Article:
You can get dished 135s with same length spokes, front back and port and starboard. There are several weird ways of equalizing the dished wheel loads, spoke gages mixed, butted and non-butted mixed, and radial and non-radial mixed. The 135 system is a strong system, nothing will be gained by beating it up in hope a greater strength. Customizing a frame to go to infinity and beyond is a bit like building an elephant ***; few who own them ever see a target worthy of them.

  11. #11
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    "If you went with custom frame, would you order a wider rear triangle by default?"

    As mentioned above, but with attribution to Bob Beckman who builds custom adventure touring grade bikes, this doesn't necesarilly add to bike strength, while it totally queers any hope of getting replacement parts in the field. If you want bomber wheels, go 26", high spoke count (keeping in mind that 36 spokes is high spoke count and stock for a 26"), get quality hubs with heat treated axles (Woods, DT, or solid axle if you can fit them, etc...), 135s are shorter and stronger than 145, ballance spoke tension, minimize DT spoke use.

  12. #12
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    I have two road bikes with 135 rear hub spacing. I have squandered some Shimano LX rear freehubs, 7 speed hyperglide vintage 1996, FH-M563 36 hole black. These are rather rare, but there are still some floating around. Anyway, these hubs have center to flange spacing that is several mm wider than the newer vintage 8-9-10 speed rear cassette freehubs. That's cause their 7 speed freehub body is not as wide. Mate these to Velocity Synergy asymetric 36 hole 700c wheels and 36 x 291mm 14 ga spokes for a standard 3 cross lacing, and you will get a dishless rear wheel. I just built another of these wheels a couple of weeks ago. Quite rugged, I have never broken a spoke with this setup. I am 6' 1", 187 lbs, and ride a 30 mile RT daily commute year round. I have toured on these also, and used them to ride on lousy roads in third world countries where you really, really don't want to break a spoke. I've used my spoke pressure gauge and I measure almost identical tension on both sides of the wheel.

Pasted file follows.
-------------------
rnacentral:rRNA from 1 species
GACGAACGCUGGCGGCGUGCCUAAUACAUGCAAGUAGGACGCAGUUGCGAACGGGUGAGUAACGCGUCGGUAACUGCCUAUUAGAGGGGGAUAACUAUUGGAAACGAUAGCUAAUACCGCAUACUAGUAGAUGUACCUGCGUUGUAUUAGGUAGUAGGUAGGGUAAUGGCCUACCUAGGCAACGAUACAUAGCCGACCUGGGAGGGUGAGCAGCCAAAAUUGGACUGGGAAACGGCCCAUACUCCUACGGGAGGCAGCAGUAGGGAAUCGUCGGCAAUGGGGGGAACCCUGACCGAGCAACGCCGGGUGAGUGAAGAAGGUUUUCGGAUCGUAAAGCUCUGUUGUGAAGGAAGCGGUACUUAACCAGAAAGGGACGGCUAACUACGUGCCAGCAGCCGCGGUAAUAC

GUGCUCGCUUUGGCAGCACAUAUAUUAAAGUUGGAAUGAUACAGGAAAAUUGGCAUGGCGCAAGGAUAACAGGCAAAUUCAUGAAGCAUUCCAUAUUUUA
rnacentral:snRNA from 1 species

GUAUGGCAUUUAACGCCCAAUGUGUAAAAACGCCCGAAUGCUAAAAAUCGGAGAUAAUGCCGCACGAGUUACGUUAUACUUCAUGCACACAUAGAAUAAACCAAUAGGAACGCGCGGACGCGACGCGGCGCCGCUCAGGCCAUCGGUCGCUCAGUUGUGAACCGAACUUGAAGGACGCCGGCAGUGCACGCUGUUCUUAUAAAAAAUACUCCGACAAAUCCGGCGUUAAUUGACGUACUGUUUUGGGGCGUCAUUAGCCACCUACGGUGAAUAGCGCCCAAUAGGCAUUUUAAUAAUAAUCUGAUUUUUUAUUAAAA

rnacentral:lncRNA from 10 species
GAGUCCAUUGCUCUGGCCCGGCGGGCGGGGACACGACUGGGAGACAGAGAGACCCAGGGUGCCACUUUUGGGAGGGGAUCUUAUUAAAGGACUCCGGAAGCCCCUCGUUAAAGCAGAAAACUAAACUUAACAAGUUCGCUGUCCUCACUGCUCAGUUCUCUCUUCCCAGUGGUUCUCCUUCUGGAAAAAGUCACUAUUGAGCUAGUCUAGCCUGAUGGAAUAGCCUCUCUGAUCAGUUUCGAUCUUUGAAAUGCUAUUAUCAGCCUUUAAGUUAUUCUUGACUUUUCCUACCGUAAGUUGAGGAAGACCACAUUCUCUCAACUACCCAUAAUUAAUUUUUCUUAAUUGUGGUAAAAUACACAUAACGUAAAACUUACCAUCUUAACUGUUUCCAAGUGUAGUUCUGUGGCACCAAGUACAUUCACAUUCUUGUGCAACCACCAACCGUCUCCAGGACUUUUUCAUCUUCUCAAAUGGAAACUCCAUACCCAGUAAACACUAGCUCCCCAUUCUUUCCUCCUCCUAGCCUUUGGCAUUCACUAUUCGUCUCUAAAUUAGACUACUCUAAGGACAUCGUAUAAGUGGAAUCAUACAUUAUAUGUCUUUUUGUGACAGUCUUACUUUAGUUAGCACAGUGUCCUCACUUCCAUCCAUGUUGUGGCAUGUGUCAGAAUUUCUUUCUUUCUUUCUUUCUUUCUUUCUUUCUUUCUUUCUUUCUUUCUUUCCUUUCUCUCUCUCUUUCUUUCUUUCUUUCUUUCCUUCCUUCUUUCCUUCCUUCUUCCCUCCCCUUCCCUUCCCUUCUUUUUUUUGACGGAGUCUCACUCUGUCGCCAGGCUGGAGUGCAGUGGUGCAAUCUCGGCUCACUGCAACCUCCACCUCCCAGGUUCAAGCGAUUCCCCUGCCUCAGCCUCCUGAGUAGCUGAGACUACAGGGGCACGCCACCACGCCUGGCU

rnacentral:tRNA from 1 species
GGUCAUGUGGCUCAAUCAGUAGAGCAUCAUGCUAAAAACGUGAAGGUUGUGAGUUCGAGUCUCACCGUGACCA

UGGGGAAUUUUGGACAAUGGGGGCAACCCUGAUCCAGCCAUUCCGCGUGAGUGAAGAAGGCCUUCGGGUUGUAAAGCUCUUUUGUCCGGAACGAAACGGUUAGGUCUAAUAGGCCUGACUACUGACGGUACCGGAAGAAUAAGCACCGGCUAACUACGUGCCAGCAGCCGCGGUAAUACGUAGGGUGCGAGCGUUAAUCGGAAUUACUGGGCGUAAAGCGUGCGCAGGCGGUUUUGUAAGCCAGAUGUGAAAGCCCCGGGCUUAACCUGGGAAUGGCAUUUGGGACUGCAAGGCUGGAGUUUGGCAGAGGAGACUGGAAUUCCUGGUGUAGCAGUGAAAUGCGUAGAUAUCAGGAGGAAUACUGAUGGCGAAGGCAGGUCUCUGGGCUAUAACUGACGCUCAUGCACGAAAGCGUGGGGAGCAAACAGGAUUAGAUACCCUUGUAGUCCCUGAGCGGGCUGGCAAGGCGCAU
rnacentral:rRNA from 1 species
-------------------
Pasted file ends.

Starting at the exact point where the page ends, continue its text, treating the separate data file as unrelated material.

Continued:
I have no shortage of useful gears, I use 13-30 or 13-32 seven speed rear cassettes, and 24-36-46 front rings. I've used 8 speed cassettes on other bikes that had the 11 or 12 rear sprockets, but hardly ever used the micro drive sprockets, I was always in the 13, 15 or 17 tooth sprockets. 7 speed cassettes are still pretty widely available, maybe not in stores but plenty on the web.

    Peterpan said "minimize DT spoke use"? I've used DT and Wheelsmith, is there a difference for us average riders that are not racing or hauling concrete? We are talking about round stainless steel spokes, straight gauge 14, nothing exotic, right?

  13. #13
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    Sorry, me bad, I didn't mean the brand. I haven't enough personal info to be a guide there. I meant butted spokes. Nothing wrong with butted spokes but within the context of super wheels it can be argued that spokes are not likely to spontainiously break whether butted or not, if proper procedures and selection methods are used. Butted spokes are more likely to break where junk gets in the wheels. So I prefer straight spokes, I think the wise view these days is that straight spokes are the better choice for touring wheels, though there are possible exceptions.

    Last year I stocked up heavily on 7 speed freewheel gear. Get it while you can.

  14. #14
    www.Click-Stand.com tomn's Avatar
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    Quote Originally Posted by kipibenkipod View Post
    If you went with custom frame, would you order a wider rear triangle by default?

    Mine is a custom frame. I built it thinking I would use the wheelset off of my mountain bike. When I started riding my newly built-up bike I also started popping spokes. The old wheels had titanium spokes, about 32 of them I think. I was limping in from somwhere with a broken spoke when I decided to make my perfect touring wheelset. Phil Wood 145 tandem rear hub 40 hole, Hugi tandem front hub 36 hole. Rhyno Lite 26" rims. DT Alpin III spokes, Marathon tires. One fun, yet totally unimportant thing that happened was that all of the spoke lengths are the same! It would have been much easier to make the frame to fit the 145 hub than to cold set it. I never would have thought that moving each side 5mm would have been that big of a deal. I have worked with frames for a long time, but that was a surprise. And yes in deed at one point I was greeted to a loud & sickening pop when a fender bridge between the chainstays broke loose on one side. I had to rebraise and touch up the paint. The only thing that I don't like about my wheelset is the thought that it is very heavy. I don't know how heavy it is, but every part on them is heavier that typical. On the plus side I have about 1800 miles on them and all I've done is add air!

    Tom
    [SIGPIC][/SIGPIC] www.Click-Stand.com